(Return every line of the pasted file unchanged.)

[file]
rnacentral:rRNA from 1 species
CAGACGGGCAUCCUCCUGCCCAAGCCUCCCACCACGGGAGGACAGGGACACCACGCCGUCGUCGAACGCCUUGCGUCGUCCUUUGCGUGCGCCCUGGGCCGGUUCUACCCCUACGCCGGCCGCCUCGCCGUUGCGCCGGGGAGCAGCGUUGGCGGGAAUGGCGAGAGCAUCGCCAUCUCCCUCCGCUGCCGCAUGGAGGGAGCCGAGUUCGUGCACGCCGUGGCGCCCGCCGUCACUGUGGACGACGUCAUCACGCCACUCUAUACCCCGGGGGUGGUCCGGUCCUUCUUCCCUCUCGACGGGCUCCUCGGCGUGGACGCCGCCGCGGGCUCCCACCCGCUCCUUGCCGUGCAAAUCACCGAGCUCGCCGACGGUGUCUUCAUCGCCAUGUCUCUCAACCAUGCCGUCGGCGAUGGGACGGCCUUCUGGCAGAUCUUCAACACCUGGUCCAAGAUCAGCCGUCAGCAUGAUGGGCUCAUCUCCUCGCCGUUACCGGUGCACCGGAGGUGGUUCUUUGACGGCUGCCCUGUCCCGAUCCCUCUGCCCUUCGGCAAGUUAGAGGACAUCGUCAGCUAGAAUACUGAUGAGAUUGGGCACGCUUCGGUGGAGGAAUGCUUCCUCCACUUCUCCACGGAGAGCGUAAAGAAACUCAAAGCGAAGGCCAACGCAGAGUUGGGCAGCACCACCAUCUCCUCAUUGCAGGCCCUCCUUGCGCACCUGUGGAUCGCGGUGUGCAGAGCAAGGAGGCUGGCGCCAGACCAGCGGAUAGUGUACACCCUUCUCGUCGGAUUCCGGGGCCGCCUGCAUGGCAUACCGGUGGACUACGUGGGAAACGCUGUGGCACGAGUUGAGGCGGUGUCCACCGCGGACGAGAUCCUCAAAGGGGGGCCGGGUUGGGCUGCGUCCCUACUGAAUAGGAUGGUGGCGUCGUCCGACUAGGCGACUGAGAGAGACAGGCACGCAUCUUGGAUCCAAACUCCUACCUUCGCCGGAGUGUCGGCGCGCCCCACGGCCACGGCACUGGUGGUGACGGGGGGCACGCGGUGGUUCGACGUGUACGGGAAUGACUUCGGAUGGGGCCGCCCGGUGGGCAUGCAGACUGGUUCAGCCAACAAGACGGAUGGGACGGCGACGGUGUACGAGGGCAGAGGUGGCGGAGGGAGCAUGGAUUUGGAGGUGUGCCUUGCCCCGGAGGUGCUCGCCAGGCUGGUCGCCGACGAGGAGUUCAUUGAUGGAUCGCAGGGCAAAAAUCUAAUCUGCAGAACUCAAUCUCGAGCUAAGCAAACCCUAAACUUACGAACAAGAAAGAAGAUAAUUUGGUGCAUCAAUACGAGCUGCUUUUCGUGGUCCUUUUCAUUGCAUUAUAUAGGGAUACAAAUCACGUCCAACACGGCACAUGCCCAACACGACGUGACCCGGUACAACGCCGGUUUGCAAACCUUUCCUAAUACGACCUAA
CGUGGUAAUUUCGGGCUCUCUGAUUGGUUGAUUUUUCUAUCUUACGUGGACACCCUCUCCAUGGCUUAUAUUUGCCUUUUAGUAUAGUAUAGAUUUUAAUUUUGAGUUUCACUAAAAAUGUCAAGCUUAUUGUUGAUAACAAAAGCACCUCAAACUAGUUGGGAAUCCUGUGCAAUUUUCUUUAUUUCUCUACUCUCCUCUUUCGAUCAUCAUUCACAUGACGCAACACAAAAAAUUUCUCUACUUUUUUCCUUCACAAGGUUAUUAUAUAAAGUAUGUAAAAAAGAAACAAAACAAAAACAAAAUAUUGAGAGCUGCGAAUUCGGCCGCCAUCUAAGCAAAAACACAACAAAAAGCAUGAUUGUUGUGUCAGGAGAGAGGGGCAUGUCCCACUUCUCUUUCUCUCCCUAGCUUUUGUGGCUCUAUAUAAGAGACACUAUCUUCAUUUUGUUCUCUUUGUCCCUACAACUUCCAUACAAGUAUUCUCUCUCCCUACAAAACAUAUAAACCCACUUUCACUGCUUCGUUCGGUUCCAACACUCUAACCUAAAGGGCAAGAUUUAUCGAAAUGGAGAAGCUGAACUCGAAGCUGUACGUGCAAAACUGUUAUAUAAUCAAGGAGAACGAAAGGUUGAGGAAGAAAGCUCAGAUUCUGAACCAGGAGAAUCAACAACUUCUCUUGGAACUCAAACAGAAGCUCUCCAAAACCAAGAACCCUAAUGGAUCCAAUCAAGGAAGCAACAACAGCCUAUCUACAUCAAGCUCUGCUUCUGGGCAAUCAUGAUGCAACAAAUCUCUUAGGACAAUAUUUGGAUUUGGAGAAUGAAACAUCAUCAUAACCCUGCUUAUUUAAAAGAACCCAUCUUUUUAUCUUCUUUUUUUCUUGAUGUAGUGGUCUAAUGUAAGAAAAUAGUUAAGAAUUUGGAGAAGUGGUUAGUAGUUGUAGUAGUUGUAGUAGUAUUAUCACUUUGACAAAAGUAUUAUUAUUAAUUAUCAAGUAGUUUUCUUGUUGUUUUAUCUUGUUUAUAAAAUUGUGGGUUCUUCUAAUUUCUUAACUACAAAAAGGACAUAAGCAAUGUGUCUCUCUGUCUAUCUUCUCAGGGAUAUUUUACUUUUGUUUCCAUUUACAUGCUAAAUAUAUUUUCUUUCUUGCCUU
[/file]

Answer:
rnacentral:rRNA from 1 species
CAGACGGGCAUCCUCCUGCCCAAGCCUCCCACCACGGGAGGACAGGGACACCACGCCGUCGUCGAACGCCUUGCGUCGUCCUUUGCGUGCGCCCUGGGCCGGUUCUACCCCUACGCCGGCCGCCUCGCCGUUGCGCCGGGGAGCAGCGUUGGCGGGAAUGGCGAGAGCAUCGCCAUCUCCCUCCGCUGCCGCAUGGAGGGAGCCGAGUUCGUGCACGCCGUGGCGCCCGCCGUCACUGUGGACGACGUCAUCACGCCACUCUAUACCCCGGGGGUGGUCCGGUCCUUCUUCCCUCUCGACGGGCUCCUCGGCGUGGACGCCGCCGCGGGCUCCCACCCGCUCCUUGCCGUGCAAAUCACCGAGCUCGCCGACGGUGUCUUCAUCGCCAUGUCUCUCAACCAUGCCGUCGGCGAUGGGACGGCCUUCUGGCAGAUCUUCAACACCUGGUCCAAGAUCAGCCGUCAGCAUGAUGGGCUCAUCUCCUCGCCGUUACCGGUGCACCGGAGGUGGUUCUUUGACGGCUGCCCUGUCCCGAUCCCUCUGCCCUUCGGCAAGUUAGAGGACAUCGUCAGCUAGAAUACUGAUGAGAUUGGGCACGCUUCGGUGGAGGAAUGCUUCCUCCACUUCUCCACGGAGAGCGUAAAGAAACUCAAAGCGAAGGCCAACGCAGAGUUGGGCAGCACCACCAUCUCCUCAUUGCAGGCCCUCCUUGCGCACCUGUGGAUCGCGGUGUGCAGAGCAAGGAGGCUGGCGCCAGACCAGCGGAUAGUGUACACCCUUCUCGUCGGAUUCCGGGGCCGCCUGCAUGGCAUACCGGUGGACUACGUGGGAAACGCUGUGGCACGAGUUGAGGCGGUGUCCACCGCGGACGAGAUCCUCAAAGGGGGGCCGGGUUGGGCUGCGUCCCUACUGAAUAGGAUGGUGGCGUCGUCCGACUAGGCGACUGAGAGAGACAGGCACGCAUCUUGGAUCCAAACUCCUACCUUCGCCGGAGUGUCGGCGCGCCCCACGGCCACGGCACUGGUGGUGACGGGGGGCACGCGGUGGUUCGACGUGUACGGGAAUGACUUCGGAUGGGGCCGCCCGGUGGGCAUGCAGACUGGUUCAGCCAACAAGACGGAUGGGACGGCGACGGUGUACGAGGGCAGAGGUGGCGGAGGGAGCAUGGAUUUGGAGGUGUGCCUUGCCCCGGAGGUGCUCGCCAGGCUGGUCGCCGACGAGGAGUUCAUUGAUGGAUCGCAGGGCAAAAAUCUAAUCUGCAGAACUCAAUCUCGAGCUAAGCAAACCCUAAACUUACGAACAAGAAAGAAGAUAAUUUGGUGCAUCAAUACGAGCUGCUUUUCGUGGUCCUUUUCAUUGCAUUAUAUAGGGAUACAAAUCACGUCCAACACGGCACAUGCCCAACACGACGUGACCCGGUACAACGCCGGUUUGCAAACCUUUCCUAAUACGACCUAA
CGUGGUAAUUUCGGGCUCUCUGAUUGGUUGAUUUUUCUAUCUUACGUGGACACCCUCUCCAUGGCUUAUAUUUGCCUUUUAGUAUAGUAUAGAUUUUAAUUUUGAGUUUCACUAAAAAUGUCAAGCUUAUUGUUGAUAACAAAAGCACCUCAAACUAGUUGGGAAUCCUGUGCAAUUUUCUUUAUUUCUCUACUCUCCUCUUUCGAUCAUCAUUCACAUGACGCAACACAAAAAAUUUCUCUACUUUUUUCCUUCACAAGGUUAUUAUAUAAAGUAUGUAAAAAAGAAACAAAACAAAAACAAAAUAUUGAGAGCUGCGAAUUCGGCCGCCAUCUAAGCAAAAACACAACAAAAAGCAUGAUUGUUGUGUCAGGAGAGAGGGGCAUGUCCCACUUCUCUUUCUCUCCCUAGCUUUUGUGGCUCUAUAUAAGAGACACUAUCUUCAUUUUGUUCUCUUUGUCCCUACAACUUCCAUACAAGUAUUCUCUCUCCCUACAAAACAUAUAAACCCACUUUCACUGCUUCGUUCGGUUCCAACACUCUAACCUAAAGGGCAAGAUUUAUCGAAAUGGAGAAGCUGAACUCGAAGCUGUACGUGCAAAACUGUUAUAUAAUCAAGGAGAACGAAAGGUUGAGGAAGAAAGCUCAGAUUCUGAACCAGGAGAAUCAACAACUUCUCUUGGAACUCAAACAGAAGCUCUCCAAAACCAAGAACCCUAAUGGAUCCAAUCAAGGAAGCAACAACAGCCUAUCUACAUCAAGCUCUGCUUCUGGGCAAUCAUGAUGCAACAAAUCUCUUAGGACAAUAUUUGGAUUUGGAGAAUGAAACAUCAUCAUAACCCUGCUUAUUUAAAAGAACCCAUCUUUUUAUCUUCUUUUUUUCUUGAUGUAGUGGUCUAAUGUAAGAAAAUAGUUAAGAAUUUGGAGAAGUGGUUAGUAGUUGUAGUAGUUGUAGUAGUAUUAUCACUUUGACAAAAGUAUUAUUAUUAAUUAUCAAGUAGUUUUCUUGUUGUUUUAUCUUGUUUAUAAAAUUGUGGGUUCUUCUAAUUUCUUAACUACAAAAAGGACAUAAGCAAUGUGUCUCUCUGUCUAUCUUCUCAGGGAUAUUUUACUUUUGUUUCCAUUUACAUGCUAAAUAUAUUUUCUUUCUUGCCUU